Most accountants will know a little bit about loan relationships – the taxation of corporate debts. Throughout my career as a corporate tax adviser those two words have typically struck fear into the most experienced of advisers. This is (and always has been) a hideously complicated regime full of exceptions, exceptions to exceptions and much more that confuses.

We’ve had a number of major changes to the loan relationships regime since its inception in 1996 (?), but one of the fundamental parts of the loan relationships legislation has been that however the relevant debits and credits are accounted for they were within the scope of the regime. That all changed for loan relationships entered into in an accounting period beginning on or after 1 January 2016, the tax analysis is now much more tightly drawn to the accounts – albeit with some exceptions of course, including a grandfathering provision for those loan relationships entered into in accounting periods beginning prior to 1 January 2016 which seems to point to us having ‘old’ and ‘new’ loan relationships – excellent, more confusion.

It also means that understanding the accounting is exceptionally important. If the accounting takes the debit or credit straight to equity, and is a loan relationship entered into in an accounting period beginning on or after 1 January 2016 then my reading is that this is not taxable because it won’t ever hit the P&L.

It’s therefore reassuring that there have been no major changes to the accounting standards for company accounts in recent years…………..of course I say that in a tone dripping with sarcasm. There have been many developments in that area and most accountants are confused to some extent about the exact accounting in a variety of debt related circumstances, particularly as a result of the introduction of FRS102 which makes many changes in that area.

The added problem is that all of these new changes both to the tax elements and the accounting elements have been changing at different points in time. Tax legislation has been trying to catch up with the changes to accounting standards. HMRC has issued some very basic guidance on these changes, particularly around FRS102, but by their own admission that guidance (last updated 12 August 2016) is rudimentary and should not be relied upon without taking advice! Most commentary that I have seen written on this subject is still at the stage where it merely repeats the legislation and crucially there is very little in the way of thinking / explaining how the new rules will affect common transactions, particularly in the context of SMEs and larger unquoted but family owned companies.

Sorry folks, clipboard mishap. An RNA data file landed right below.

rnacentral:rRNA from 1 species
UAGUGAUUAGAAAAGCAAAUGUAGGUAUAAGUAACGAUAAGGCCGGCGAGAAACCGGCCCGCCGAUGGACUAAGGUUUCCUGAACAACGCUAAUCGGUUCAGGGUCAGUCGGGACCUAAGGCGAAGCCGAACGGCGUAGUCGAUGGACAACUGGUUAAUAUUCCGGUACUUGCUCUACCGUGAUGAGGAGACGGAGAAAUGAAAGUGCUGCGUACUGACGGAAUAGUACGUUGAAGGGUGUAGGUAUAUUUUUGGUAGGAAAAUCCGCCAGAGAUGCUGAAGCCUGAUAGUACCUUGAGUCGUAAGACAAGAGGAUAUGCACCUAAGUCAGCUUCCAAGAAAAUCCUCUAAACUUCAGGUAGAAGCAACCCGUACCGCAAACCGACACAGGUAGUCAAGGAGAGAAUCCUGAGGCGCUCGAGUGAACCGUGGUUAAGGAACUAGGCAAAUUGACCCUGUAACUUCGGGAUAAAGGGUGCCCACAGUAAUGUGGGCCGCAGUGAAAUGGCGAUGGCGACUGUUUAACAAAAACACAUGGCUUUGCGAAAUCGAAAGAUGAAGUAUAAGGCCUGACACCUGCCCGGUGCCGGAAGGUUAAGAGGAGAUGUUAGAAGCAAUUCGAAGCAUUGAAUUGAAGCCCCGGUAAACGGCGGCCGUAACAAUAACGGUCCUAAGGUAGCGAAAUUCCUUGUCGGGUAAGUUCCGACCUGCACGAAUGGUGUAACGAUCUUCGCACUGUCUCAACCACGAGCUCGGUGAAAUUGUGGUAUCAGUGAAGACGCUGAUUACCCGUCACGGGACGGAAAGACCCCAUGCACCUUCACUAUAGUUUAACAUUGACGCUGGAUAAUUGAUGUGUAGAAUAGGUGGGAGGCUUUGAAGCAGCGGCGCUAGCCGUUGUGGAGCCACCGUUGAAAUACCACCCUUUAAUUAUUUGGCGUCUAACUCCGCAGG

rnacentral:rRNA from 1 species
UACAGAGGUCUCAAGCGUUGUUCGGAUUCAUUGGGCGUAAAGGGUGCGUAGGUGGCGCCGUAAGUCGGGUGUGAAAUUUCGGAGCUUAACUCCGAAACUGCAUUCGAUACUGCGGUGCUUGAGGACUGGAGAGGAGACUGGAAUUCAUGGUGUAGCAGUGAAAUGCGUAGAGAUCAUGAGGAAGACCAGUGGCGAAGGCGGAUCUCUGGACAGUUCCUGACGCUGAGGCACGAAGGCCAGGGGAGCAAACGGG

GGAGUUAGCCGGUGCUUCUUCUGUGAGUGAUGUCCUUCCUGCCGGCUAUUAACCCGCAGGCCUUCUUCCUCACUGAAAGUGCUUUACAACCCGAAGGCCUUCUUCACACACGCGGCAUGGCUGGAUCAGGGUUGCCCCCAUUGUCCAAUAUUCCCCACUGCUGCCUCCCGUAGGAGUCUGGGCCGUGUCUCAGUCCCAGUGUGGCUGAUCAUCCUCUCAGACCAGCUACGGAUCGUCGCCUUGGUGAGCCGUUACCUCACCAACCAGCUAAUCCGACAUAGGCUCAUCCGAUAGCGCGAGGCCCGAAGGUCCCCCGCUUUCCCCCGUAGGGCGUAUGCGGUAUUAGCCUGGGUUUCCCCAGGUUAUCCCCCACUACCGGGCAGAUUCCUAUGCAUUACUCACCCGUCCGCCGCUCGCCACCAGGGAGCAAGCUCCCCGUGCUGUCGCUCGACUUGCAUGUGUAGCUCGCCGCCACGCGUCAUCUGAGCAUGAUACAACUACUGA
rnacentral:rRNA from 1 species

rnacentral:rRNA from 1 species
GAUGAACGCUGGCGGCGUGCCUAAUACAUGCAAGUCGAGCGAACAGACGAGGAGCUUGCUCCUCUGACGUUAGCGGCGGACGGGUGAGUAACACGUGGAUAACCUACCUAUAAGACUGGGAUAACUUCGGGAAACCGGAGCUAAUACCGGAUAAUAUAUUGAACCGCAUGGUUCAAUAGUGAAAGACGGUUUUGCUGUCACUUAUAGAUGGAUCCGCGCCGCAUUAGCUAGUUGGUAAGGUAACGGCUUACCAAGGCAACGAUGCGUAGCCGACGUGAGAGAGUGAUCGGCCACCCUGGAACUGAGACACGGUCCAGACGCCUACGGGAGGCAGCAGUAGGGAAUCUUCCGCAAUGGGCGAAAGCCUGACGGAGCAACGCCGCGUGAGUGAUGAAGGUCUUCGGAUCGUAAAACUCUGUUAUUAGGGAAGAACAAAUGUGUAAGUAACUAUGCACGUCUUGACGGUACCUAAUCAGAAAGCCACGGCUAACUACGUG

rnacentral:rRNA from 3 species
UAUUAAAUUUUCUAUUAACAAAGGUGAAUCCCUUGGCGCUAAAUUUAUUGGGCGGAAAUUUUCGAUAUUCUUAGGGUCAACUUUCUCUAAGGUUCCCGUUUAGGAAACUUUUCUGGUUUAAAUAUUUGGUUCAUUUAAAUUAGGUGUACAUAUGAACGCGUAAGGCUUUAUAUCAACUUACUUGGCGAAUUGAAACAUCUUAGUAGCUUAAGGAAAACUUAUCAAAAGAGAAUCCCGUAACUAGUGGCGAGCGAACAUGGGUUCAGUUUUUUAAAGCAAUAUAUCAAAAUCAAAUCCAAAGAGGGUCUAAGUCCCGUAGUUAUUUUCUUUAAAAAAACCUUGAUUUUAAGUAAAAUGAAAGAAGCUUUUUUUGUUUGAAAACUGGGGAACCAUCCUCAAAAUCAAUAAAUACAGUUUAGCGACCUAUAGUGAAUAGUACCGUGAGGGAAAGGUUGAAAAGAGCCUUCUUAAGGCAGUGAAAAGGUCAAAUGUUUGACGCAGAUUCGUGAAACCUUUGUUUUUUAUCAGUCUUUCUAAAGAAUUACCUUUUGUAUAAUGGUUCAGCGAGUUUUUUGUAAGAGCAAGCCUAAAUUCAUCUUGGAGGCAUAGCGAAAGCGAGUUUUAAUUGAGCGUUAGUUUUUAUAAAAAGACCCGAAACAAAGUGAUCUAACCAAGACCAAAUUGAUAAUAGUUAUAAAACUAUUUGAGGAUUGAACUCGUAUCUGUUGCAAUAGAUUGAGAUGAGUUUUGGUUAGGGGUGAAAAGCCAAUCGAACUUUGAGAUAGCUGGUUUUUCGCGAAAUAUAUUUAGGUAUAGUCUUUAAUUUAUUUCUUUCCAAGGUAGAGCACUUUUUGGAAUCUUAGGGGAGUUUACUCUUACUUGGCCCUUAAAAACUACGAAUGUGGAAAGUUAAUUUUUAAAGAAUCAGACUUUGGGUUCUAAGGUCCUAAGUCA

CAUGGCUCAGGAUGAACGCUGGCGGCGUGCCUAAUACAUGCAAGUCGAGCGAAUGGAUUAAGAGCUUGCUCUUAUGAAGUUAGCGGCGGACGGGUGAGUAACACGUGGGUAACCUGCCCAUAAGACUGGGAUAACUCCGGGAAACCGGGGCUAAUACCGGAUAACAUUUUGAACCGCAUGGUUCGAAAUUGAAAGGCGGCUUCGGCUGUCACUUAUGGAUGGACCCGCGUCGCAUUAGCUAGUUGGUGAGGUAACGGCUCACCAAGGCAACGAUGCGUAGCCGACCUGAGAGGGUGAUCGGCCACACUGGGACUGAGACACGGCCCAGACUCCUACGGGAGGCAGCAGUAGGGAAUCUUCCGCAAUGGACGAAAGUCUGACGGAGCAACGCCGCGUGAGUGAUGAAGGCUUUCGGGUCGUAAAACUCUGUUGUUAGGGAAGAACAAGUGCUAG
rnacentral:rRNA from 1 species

Add to that we have the new corporate rescue exemption now in place, which is great in principle but feels like it will need to be accompanied by HMRC clearance because of certain subjective elements, and the landscape is clearly complex.

Whilst my tendency when anyone mentions loan relationships is cower and hide if I can, my fear is that all of the above is an issue that cannot be avoided if you profess to be a corporate tax adviser in 2016. Indeed we plan to write some detailed non-specific guidance for our clients in due course once the dust has begun to settle on all of this. Loan relationships are complicated, as is the accounting potentially, and the two are now very much intertwined with one another.

My advice is that where clients ask you to write off debt or seek to restructure it in some way, and the numbers are reasonably big you ensure you get your ducks in a row and seek a second opinion on both the accounting and the taxation elements – or you can read through all of the recent and complex changes to the legislation and try to come up with the answer yourself. I know I will be looking to one of my corporate tax partner colleagues in Francis Clark to get a second opinion at all times!

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